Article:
As part of the e17 art trail there was a 'walk and talk' event in Walthamstow central Library. People were given a guided tour of the art on display with the artist talking about their work while standing in front of their artwork. I gave a talk on my piece 'Socrates'.
The pieces are made out of thin sheets of porcelain made to look like crumpled paper. Each sheet has Socrates' face silk-screened inside.
As the work is about Socrates' execution it seemed fitting that it was shown in association with Amnesty International (who also had a display in the Library this year) helping to highlight their campaign against capital punishment.
The talks were really successful and provoked much discussion and debate. So much so that all of the talks overran! I was particularly interested in the talk by Katherine Green and Mark Burton, two local professional documentary photographers who spoke of the political elements of their work.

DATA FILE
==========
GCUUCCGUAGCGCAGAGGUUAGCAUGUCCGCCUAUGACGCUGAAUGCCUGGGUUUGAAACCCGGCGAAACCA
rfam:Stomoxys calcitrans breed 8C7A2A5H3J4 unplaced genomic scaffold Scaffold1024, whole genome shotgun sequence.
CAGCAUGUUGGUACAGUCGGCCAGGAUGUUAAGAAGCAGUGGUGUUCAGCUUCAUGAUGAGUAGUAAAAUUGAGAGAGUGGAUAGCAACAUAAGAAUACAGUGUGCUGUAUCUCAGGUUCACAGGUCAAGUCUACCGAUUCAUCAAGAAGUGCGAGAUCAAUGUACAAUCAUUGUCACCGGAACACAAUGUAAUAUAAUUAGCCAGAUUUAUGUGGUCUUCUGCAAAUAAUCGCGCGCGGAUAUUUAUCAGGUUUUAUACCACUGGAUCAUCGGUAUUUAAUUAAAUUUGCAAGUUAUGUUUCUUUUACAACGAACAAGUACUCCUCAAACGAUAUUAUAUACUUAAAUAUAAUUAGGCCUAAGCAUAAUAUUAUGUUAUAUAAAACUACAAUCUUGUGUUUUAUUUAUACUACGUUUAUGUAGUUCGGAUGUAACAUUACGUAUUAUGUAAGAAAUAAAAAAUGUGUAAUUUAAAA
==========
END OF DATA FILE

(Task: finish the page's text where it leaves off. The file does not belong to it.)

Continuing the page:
I also showed work in Walthamstow Central Library in association with Amnesty International, helping to highlight their campaign against Capital Punishment. The piece was called Socrates. Socrates was executed by being made to drink poison hemlock. The poison makes for a slow and painful death.
This slow demise is reflected in the work as each piece of 'crumpled paper' which has his face screen printed in it is more crumpled than the piece before until the final piece which is totally crumpled into a ball with one reproachful eye looking at us before he finally slips away.